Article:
Shandling doesn't waste time wondering what might have been if NBC had bought It's Garry Shandling's Show. "I honestly feel it's impossible to tell. Perhaps if the show had been on a [broadcast] network, the ratings would have been poor. I would have been canceled, and I never would have gotten to do four years."

"I do believe the networks nowadays are more open to newer kinds of programming than they were in the mid-eighties."

I think cable has forced everyone to look at their programming. It's Garry Shandling's Show aired from 1986 through 1990, until Shandling either burned out or got bored. It was at about this time that the late-night talk-show wars started heating up. Johnny Carson announced his retirement. David Letterman and Jay Leno were the likely successors.

Shandling was approached to take over the time spots currently occupied by Tom Snyder and Conan O'Brien as well as start the syndicated talk show that briefly became The Dennis Miller Show. Published reports say Shandling was receiving offers of as much as $5 million a year for his services — money and exposure some people would have killed for.

"I think about it in those terms, actually, Shandling says. But, he adds, "I didn't want to go on to do just another talk show. It's never been what I like to do. I wanted to do something new and unique, at least to me, and I didn't think I was ready to bring something unique to the talk-show world."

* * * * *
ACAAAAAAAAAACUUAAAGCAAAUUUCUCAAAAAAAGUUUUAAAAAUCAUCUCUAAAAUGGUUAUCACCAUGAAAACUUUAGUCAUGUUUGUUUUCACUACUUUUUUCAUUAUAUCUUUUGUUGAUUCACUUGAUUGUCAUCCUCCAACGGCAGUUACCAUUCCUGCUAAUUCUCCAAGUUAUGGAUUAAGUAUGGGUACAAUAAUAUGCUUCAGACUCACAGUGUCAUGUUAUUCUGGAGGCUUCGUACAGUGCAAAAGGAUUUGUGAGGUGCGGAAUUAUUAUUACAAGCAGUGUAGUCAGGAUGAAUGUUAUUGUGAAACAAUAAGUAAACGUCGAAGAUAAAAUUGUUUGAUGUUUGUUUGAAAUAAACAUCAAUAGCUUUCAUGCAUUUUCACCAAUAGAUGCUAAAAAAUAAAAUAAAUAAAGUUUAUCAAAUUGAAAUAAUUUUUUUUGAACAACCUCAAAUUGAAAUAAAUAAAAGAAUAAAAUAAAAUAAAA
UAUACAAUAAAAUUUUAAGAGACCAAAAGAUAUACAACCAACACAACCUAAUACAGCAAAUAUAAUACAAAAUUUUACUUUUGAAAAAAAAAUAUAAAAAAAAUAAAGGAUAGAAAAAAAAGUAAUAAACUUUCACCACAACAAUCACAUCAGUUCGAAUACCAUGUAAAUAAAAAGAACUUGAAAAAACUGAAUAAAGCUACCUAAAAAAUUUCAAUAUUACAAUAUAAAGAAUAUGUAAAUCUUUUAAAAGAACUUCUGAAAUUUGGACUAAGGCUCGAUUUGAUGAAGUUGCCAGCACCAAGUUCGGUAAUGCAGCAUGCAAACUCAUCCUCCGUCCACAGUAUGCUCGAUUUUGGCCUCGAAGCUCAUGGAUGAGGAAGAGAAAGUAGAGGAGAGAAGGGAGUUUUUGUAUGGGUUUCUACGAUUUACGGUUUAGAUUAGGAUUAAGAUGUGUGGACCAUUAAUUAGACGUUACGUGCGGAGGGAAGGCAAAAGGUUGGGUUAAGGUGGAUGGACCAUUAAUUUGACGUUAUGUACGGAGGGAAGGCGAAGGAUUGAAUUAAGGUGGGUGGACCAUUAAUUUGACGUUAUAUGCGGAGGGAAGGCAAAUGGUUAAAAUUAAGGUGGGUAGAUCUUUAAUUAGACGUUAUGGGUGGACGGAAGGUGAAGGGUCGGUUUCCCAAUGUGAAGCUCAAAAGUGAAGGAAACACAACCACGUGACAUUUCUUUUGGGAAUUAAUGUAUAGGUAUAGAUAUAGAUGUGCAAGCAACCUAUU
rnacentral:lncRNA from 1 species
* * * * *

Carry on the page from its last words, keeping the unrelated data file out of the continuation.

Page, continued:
"Number two, I believe it was a three-year commitment. It would prevent me from exploring any other acting or writing opportunities. While it would be a wonderful career and probably a moderate amount of fun, I wasn't ready to limit myself and say this is what I want to do and who I am for the next three years."

He also admits a certain amount of fear was involved — fear that he wouldn't be able to sustain the quality over a daily, three-year grind; fear of failure; fear of biting off more than he could chew.

What he decided instead was to become Larry Sanders, star of his own fictional talk show, on HBO, a much smaller stage should he fail and a situation "as comfortable as it could be for me." Part cinema vérité, part cinema satire, The Larry Sanders Show — with Shandling as creator, writer, and executive producer as well as star — is one of the most critically acclaimed series on television. HBO head Michael Fuchs calls it as "good a half hour as anything on television today." While it doesn't score heavily in the ratings — "it's a little too hip for the room," Fuchs says — it still is a cornerstone of the HBO product line. Returning for its fourth season this July, it generates publicity and buzz far beyond its small share of the television audience.

The show came about because of fortuitous timing. "Michael [Fuchs] had the perception that the public was going to be consumed by the talk-show wars after Johnny left, and he was right for the most part," Shandling says. The two had a conversation that went something like this: